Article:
The Spanish Media Association (AMI) has filed a lawsuit against Meta (parent company of Facebook, Instagram, and WhatsApp) for unfair competition in the advertising market, marking the first joint legal action by the Spanish press against a technology platform. The plaintiffs, which include more than 80 media outlets including EL PAÍS, accuse the company led by Mark Zuckerberg of violating European regulations that prohibit misuse of social media user data. This violation has allegedly enabled the technology giant to dominate the advertising market. Media outlets are seeking €550 million in compensation from Meta for lost revenues between 2018 and last July.

Growing Influence of Digital Aggregators and Challenges Faced by Quality Journalism

An increasing number of citizens are obtaining their news through digital aggregators driven by algorithms solely aimed at capturing and retaining their attention, without discerning between quality information and misinformation, verified facts and rumors, truth and hoaxes. Alongside these aggregators, coexist and compete media organizations that invest in journalist teams, prioritize truthful reporting, and adhere to professional standards, which may not necessarily prioritize sensationalism for audience engagement or exclusively aim to capture readers’ attention.

Dominance of Platforms in the Spanish Advertising Market and Unfair Competitive Practices

The market share of platforms in the Spanish advertising market has steadily grown over the last decade, reaching 44% in 2022. Media outlets face unequal access to this market as their competitors utilize illegitimate privileged access to user data — such as names, addresses, contacts, or browsing history — to deliver personalized advertisements without explicit consent. European data protection legislation stipulates that citizens must explicitly consent to the use of their personal information to receive targeted advertising, which forms the basis of these companies’ business models and extraordinary growth. Since media outlets comply with the law requiring explicit user consent to protect privacy, their capacity for personalization is limited, leading advertisers to predominantly invest in technological platforms.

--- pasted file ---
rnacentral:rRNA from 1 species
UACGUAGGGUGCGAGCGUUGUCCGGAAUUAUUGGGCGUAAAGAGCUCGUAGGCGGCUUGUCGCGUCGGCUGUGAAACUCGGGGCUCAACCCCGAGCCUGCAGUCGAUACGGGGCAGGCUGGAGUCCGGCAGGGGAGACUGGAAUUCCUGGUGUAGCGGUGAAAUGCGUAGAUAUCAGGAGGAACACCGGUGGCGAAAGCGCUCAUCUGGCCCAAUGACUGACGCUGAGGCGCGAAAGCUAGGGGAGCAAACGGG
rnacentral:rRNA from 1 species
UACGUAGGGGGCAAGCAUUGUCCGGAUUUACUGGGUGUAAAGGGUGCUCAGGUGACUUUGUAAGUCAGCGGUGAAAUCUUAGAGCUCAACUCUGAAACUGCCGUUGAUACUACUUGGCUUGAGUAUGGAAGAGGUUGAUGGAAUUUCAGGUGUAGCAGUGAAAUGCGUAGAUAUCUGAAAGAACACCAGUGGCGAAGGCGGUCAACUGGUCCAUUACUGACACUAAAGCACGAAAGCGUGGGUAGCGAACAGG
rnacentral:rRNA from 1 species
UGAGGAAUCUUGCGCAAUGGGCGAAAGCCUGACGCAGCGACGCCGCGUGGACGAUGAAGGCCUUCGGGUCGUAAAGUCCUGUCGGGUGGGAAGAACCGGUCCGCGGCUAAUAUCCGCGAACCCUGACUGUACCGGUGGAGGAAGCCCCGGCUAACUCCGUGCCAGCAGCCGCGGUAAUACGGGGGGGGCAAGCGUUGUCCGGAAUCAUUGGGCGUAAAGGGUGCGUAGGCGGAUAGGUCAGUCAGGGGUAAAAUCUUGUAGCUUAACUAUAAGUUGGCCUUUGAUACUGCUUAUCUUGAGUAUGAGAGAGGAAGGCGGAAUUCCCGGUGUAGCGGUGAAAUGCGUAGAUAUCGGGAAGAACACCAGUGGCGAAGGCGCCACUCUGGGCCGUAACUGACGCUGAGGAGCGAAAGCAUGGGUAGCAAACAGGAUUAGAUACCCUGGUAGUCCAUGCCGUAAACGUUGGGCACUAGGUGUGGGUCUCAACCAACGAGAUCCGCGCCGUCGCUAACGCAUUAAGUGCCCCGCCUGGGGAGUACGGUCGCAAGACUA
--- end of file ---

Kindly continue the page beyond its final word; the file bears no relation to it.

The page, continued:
Global Efforts to Regulate Platform Abuses and Protect Media Outlets

Numerous countries are attempting to curb platform abuses. In January, Ireland fined Meta €400 million for regulatory breaches. In July, the European Court of Justice ruled in a German competition case that Zuckerberg’s company cannot justify illegitimate data processing based on its business model. The company’s response has been to offer a subscription service to those who do not wish to receive ads, implying that by not subscribing, users accept its policies. Outside the EU, various countries — from Australia to Canada, Brazil to the United States — are pressuring platforms to reach agreements with media outlets to compensate for declining advertising revenues.

UNESCO’s Concerns about Platform Policies and the Threat to Media Survival

For years, UNESCO has warned that platform policies pose a threat to the survival of media outlets and, consequently, to citizens’ right to information, crucial in any democracy. In addition to ensuring fair competition in the free market, this is the higher good that the Spanish media demand against Meta seeks to protect in the long term.

Conclusion: Upholding Media Integrity in the Face of Technological Dominance

The lawsuit filed by the Spanish Media Association against Meta underscores the urgent need to address the unfair competitive practices of technology platforms that threaten the sustainability of quality journalism. As digital aggregators continue to rise in influence, it is imperative to safeguard the integrity of media outlets and uphold citizens’ right to accurate and unbiased information. Through regulatory measures and legal actions, it is possible to mitigate the dominance of platforms in the advertising market and promote a level playing field that prioritizes journalistic standards and protects user privacy. Ultimately, the preservation of media diversity and the democratic right to information are at stake, making it essential to hold technology giants accountable for their actions.

By Danny